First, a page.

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Jason Fry and Greg Prince
Faith and Fear in Flushing made its debut on Feb. 16, 2005, the brainchild of two longtime friends and lifelong Met fans.

Greg Prince discovered the Mets when he was 6, during the magical summer of 1969. He is a Long Island-based writer, editor and communications consultant. Contact him here.

Jason Fry is a Brooklyn writer whose first memories include his mom leaping up and down cheering for Rusty Staub. Check out his other writing here.

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Roy Story 2

The Mets taking it to Roy Halladay is a great thing. I’m not sure that’s who they beat up Monday night, however.

That couldn’t have been the Roy Halladay who gave the Mets and the rest of the National League fits in 2010 and 2011 after owning the American League for years prior. This was the Roy Halladay who encountered back and shoulder miseries last year and clearly hasn’t shaken the aftereffects. If the Phillies want to send Roy 2.0, bugs and all, to the mound, then I have to be all for the Mets exterminating his pitches with extreme prejudice. He’s a pitcher in a Phillies uniform, period. Yet I surely didn’t derive any extra pleasure from the fact that the back of the uniform read HALLADAY 34.

’Cause that couldn’t have been the same guy who wore that uniform so vexingly for so long.

The 7-2 result, with seven earned runs charged to Halladay in four-plus innings? That’s for keeps, and we’ll keep it. But c’mon, that wasn’t the two-league Cy Young winner out there, not the man who threw one of the only two postseason no-hitters in captivity, definitely not the guy who entered Monday with a 9-2 lifetime record versus the Mets, neither of the losses having transpired over the past decade. Of course I wanted the Mets to prevail over the great Roy Halladay — but knocking around this fellow of deteriorating physical abilities didn’t fulfill that desire. I wanted the Mets to stick it good to the Halladay they had on the ropes but couldn’t quite knock out the last time I was in Philly, three years ago. I wanted the Mets to avenge the Halladay who dropped a Saturday night masterpiece on my buddy Jeff and me one weekend later. I wanted to get even with the Halladay who refused to be gotten to the day before SEAL Team 6 got to a far more offensive enemy.

Let me stress again: I’ll accept the victory on behalf of the New York Mets. I’ll thank John Buck for continuing his MVP campaign, Daniel Murphy for stoking the hit-maker machinery behind the popular score and, most of all, Matt Harvey for being the kind of pitcher fans of other teams dream of getting to but can only dream (7 IP, 3 H, 2 BB, 1 ER and 9 K without being nearly as suffocating on the Phillies as he was on the Padres). Yet disposing of this Halladay so effortlessly…it wasn’t bitter, but somehow taking him over the wall and relentlessly pinning him up against it didn’t feel particularly sweet.

This twinge of not-quite-rightness doesn’t apply elsewhere on the Phillie staff, mind you. Slice and dice Hamels until he’s Cole slaw? Pass me a plate. Unsteady Kendrick until he has no choice but to keep on truckin’ toward the showers? I’m the red ball express of lovin’ for that. Make Lee surrender tonight? Please use Citizens Bank Park to re-enact the Battle of Appomattox Court House, a conflagration which went into the win column for the team from the north 148 years ago today.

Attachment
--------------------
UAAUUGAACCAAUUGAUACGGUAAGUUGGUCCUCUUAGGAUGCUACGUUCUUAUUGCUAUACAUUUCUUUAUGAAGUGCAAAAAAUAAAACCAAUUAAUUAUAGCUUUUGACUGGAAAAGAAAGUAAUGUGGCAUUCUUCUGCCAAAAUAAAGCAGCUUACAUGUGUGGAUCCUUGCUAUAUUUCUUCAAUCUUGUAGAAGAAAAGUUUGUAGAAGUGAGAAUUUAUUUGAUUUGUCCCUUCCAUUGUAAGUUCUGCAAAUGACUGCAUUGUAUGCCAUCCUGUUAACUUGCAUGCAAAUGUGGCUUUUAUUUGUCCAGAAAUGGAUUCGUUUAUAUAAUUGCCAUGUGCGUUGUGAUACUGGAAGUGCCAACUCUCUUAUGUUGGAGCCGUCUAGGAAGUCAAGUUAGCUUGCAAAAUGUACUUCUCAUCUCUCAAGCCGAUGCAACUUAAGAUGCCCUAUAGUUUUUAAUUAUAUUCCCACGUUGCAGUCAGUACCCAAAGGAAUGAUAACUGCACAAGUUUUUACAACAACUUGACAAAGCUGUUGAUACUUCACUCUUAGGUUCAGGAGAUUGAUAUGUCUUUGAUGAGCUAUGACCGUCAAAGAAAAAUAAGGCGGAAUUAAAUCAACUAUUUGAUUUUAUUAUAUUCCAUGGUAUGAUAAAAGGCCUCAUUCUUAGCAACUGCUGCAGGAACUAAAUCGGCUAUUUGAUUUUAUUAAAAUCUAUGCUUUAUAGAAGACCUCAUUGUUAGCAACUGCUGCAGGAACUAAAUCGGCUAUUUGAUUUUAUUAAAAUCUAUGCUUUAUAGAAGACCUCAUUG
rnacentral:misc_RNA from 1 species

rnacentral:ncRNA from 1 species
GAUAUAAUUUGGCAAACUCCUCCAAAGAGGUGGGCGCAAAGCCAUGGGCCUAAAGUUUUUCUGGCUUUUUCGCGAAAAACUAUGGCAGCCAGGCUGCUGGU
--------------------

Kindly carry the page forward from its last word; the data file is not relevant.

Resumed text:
The Roy Halladay of 2013, who looks suspiciously like the Johan Santana of the part of 2012 when he stopped looking like Johan Santana altogether…it wasn’t as much fun watching him get hit hard as it should’ve been.

But I’ll take it.

And I hope you’ll take a listen to my and Matt Silverman’s 1973-centric appearance from Sunday night on SportstalkNY Live, via podcast here.

9 comments to Roy Story 2

  • I found it most enjoyable. But I hear you. This game did have a ’94 Knicks feel: it just wasn’t the same defeating the Jordanless Bulls to get there.

  • Scott M.

    I don’t care which Halladay was out there. He was down and we kicked him. If he’s still down the next time we meet, I will enjoy it if our team kicks him some more while screaming “Get up and fight like a man!”

    That being said, I feel that Lee will have his way with us tonight.

  • open the gates

    Eh. That’s baseball. We’ve had more than our share of great pitchers suddenly turning old (Santana, Martinez, Tom G1@^!#e) and acquiring formerly great pitchers already past their expiration dates (Spahn, Lolich, Nomo), and I’m sure most of the opposing fans didn’t feel too dainty about their teams pasting those guys.

    But I do hear where you’re coming from. I felt that a little with Steve Carlton near the end of his career. More so because the Mets never gave that guy the respect he deserved, even when he was great. (Not that I had a problem with that, obviously. But still…)

    • Carlton’s the closest I can come to in this feeling this way, even though I more or less hated Steve Carlton. Yet it was tough watching him bounce around for two or three years past his sell date. (Plus we didn’t have many problems with Lefty historically.)

      Halladay, who comes off as generally classy, showed up on the Phillies after the Mets-Phillies rivalry meant anything in the standings and never spewed any nonsense, so it’s different from, say, wanting to stick it to Maddux or Smoltz when they were getting on in years. He stifled the Mets but the Mets of Halladay’s Phillie prime were there for the stifling.

  • Patrick O'Hern

    Love the competitor in Halladay too but me thinks it’s too early to feel bad or sad about his (potential) demise. Surprised by this post but that’s why I love Faith and Fear.